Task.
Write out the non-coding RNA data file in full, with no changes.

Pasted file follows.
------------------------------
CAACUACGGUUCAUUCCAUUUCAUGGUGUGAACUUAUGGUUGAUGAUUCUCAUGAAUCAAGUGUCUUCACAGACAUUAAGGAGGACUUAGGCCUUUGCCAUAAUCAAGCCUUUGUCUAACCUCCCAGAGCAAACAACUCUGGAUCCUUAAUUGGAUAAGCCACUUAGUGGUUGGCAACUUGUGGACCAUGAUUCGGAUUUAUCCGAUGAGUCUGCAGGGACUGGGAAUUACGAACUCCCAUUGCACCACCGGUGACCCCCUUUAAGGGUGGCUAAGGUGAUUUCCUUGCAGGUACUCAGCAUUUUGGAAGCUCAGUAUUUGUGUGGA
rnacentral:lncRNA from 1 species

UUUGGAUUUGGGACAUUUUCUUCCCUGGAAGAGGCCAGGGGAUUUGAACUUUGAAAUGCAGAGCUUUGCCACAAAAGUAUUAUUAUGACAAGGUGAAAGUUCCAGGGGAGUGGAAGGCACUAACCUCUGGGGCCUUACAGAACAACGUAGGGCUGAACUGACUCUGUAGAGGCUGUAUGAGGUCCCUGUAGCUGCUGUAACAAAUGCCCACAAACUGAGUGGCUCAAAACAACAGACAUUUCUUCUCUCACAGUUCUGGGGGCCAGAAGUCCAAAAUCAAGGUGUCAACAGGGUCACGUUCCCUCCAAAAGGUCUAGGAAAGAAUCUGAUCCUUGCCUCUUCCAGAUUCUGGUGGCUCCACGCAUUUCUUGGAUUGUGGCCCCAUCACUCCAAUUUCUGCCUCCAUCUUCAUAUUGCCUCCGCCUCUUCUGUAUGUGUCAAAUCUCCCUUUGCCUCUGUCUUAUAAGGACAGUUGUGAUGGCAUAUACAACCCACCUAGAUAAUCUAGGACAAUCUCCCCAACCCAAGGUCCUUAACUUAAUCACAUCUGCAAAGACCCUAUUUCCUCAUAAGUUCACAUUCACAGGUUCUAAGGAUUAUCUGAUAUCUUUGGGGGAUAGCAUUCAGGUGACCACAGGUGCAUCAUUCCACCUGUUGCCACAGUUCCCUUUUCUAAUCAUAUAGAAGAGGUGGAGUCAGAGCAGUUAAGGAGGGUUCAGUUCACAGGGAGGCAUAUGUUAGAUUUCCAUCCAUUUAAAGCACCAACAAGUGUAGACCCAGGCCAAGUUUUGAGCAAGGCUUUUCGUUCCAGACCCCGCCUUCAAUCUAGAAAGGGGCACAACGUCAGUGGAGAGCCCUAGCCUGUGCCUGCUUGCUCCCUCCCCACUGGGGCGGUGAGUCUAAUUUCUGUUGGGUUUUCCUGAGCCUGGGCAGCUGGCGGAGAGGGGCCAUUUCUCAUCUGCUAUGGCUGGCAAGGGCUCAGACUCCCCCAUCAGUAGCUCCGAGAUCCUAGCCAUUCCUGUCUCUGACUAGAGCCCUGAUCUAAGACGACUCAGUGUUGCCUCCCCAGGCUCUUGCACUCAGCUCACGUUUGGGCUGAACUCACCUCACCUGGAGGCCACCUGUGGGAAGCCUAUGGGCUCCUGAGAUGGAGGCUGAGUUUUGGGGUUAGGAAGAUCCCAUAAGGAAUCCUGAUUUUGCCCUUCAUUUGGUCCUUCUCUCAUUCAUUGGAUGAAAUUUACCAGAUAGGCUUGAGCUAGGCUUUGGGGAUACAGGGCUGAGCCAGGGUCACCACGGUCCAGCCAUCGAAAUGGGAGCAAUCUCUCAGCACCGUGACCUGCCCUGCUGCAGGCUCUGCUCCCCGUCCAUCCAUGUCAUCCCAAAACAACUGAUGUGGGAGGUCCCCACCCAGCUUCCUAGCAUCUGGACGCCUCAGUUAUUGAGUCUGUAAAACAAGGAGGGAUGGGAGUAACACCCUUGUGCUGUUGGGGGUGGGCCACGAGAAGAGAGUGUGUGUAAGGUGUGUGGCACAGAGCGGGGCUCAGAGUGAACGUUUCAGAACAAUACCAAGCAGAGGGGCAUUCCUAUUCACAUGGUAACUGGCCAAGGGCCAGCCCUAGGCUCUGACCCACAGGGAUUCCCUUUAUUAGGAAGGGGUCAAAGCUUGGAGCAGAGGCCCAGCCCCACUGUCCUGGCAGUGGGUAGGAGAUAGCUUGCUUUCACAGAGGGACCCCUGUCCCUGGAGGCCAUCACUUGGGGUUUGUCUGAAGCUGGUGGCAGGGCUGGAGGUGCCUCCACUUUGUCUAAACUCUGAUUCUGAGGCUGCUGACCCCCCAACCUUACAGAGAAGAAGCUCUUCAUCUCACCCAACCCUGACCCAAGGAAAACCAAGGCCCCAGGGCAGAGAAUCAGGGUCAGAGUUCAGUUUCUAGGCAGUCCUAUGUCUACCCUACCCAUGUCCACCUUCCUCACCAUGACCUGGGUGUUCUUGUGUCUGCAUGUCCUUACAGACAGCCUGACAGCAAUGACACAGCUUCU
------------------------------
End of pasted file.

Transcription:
CAACUACGGUUCAUUCCAUUUCAUGGUGUGAACUUAUGGUUGAUGAUUCUCAUGAAUCAAGUGUCUUCACAGACAUUAAGGAGGACUUAGGCCUUUGCCAUAAUCAAGCCUUUGUCUAACCUCCCAGAGCAAACAACUCUGGAUCCUUAAUUGGAUAAGCCACUUAGUGGUUGGCAACUUGUGGACCAUGAUUCGGAUUUAUCCGAUGAGUCUGCAGGGACUGGGAAUUACGAACUCCCAUUGCACCACCGGUGACCCCCUUUAAGGGUGGCUAAGGUGAUUUCCUUGCAGGUACUCAGCAUUUUGGAAGCUCAGUAUUUGUGUGGA
rnacentral:lncRNA from 1 species

UUUGGAUUUGGGACAUUUUCUUCCCUGGAAGAGGCCAGGGGAUUUGAACUUUGAAAUGCAGAGCUUUGCCACAAAAGUAUUAUUAUGACAAGGUGAAAGUUCCAGGGGAGUGGAAGGCACUAACCUCUGGGGCCUUACAGAACAACGUAGGGCUGAACUGACUCUGUAGAGGCUGUAUGAGGUCCCUGUAGCUGCUGUAACAAAUGCCCACAAACUGAGUGGCUCAAAACAACAGACAUUUCUUCUCUCACAGUUCUGGGGGCCAGAAGUCCAAAAUCAAGGUGUCAACAGGGUCACGUUCCCUCCAAAAGGUCUAGGAAAGAAUCUGAUCCUUGCCUCUUCCAGAUUCUGGUGGCUCCACGCAUUUCUUGGAUUGUGGCCCCAUCACUCCAAUUUCUGCCUCCAUCUUCAUAUUGCCUCCGCCUCUUCUGUAUGUGUCAAAUCUCCCUUUGCCUCUGUCUUAUAAGGACAGUUGUGAUGGCAUAUACAACCCACCUAGAUAAUCUAGGACAAUCUCCCCAACCCAAGGUCCUUAACUUAAUCACAUCUGCAAAGACCCUAUUUCCUCAUAAGUUCACAUUCACAGGUUCUAAGGAUUAUCUGAUAUCUUUGGGGGAUAGCAUUCAGGUGACCACAGGUGCAUCAUUCCACCUGUUGCCACAGUUCCCUUUUCUAAUCAUAUAGAAGAGGUGGAGUCAGAGCAGUUAAGGAGGGUUCAGUUCACAGGGAGGCAUAUGUUAGAUUUCCAUCCAUUUAAAGCACCAACAAGUGUAGACCCAGGCCAAGUUUUGAGCAAGGCUUUUCGUUCCAGACCCCGCCUUCAAUCUAGAAAGGGGCACAACGUCAGUGGAGAGCCCUAGCCUGUGCCUGCUUGCUCCCUCCCCACUGGGGCGGUGAGUCUAAUUUCUGUUGGGUUUUCCUGAGCCUGGGCAGCUGGCGGAGAGGGGCCAUUUCUCAUCUGCUAUGGCUGGCAAGGGCUCAGACUCCCCCAUCAGUAGCUCCGAGAUCCUAGCCAUUCCUGUCUCUGACUAGAGCCCUGAUCUAAGACGACUCAGUGUUGCCUCCCCAGGCUCUUGCACUCAGCUCACGUUUGGGCUGAACUCACCUCACCUGGAGGCCACCUGUGGGAAGCCUAUGGGCUCCUGAGAUGGAGGCUGAGUUUUGGGGUUAGGAAGAUCCCAUAAGGAAUCCUGAUUUUGCCCUUCAUUUGGUCCUUCUCUCAUUCAUUGGAUGAAAUUUACCAGAUAGGCUUGAGCUAGGCUUUGGGGAUACAGGGCUGAGCCAGGGUCACCACGGUCCAGCCAUCGAAAUGGGAGCAAUCUCUCAGCACCGUGACCUGCCCUGCUGCAGGCUCUGCUCCCCGUCCAUCCAUGUCAUCCCAAAACAACUGAUGUGGGAGGUCCCCACCCAGCUUCCUAGCAUCUGGACGCCUCAGUUAUUGAGUCUGUAAAACAAGGAGGGAUGGGAGUAACACCCUUGUGCUGUUGGGGGUGGGCCACGAGAAGAGAGUGUGUGUAAGGUGUGUGGCACAGAGCGGGGCUCAGAGUGAACGUUUCAGAACAAUACCAAGCAGAGGGGCAUUCCUAUUCACAUGGUAACUGGCCAAGGGCCAGCCCUAGGCUCUGACCCACAGGGAUUCCCUUUAUUAGGAAGGGGUCAAAGCUUGGAGCAGAGGCCCAGCCCCACUGUCCUGGCAGUGGGUAGGAGAUAGCUUGCUUUCACAGAGGGACCCCUGUCCCUGGAGGCCAUCACUUGGGGUUUGUCUGAAGCUGGUGGCAGGGCUGGAGGUGCCUCCACUUUGUCUAAACUCUGAUUCUGAGGCUGCUGACCCCCCAACCUUACAGAGAAGAAGCUCUUCAUCUCACCCAACCCUGACCCAAGGAAAACCAAGGCCCCAGGGCAGAGAAUCAGGGUCAGAGUUCAGUUUCUAGGCAGUCCUAUGUCUACCCUACCCAUGUCCACCUUCCUCACCAUGACCUGGGUGUUCUUGUGUCUGCAUGUCCUUACAGACAGCCUGACAGCAAUGACACAGCUUCU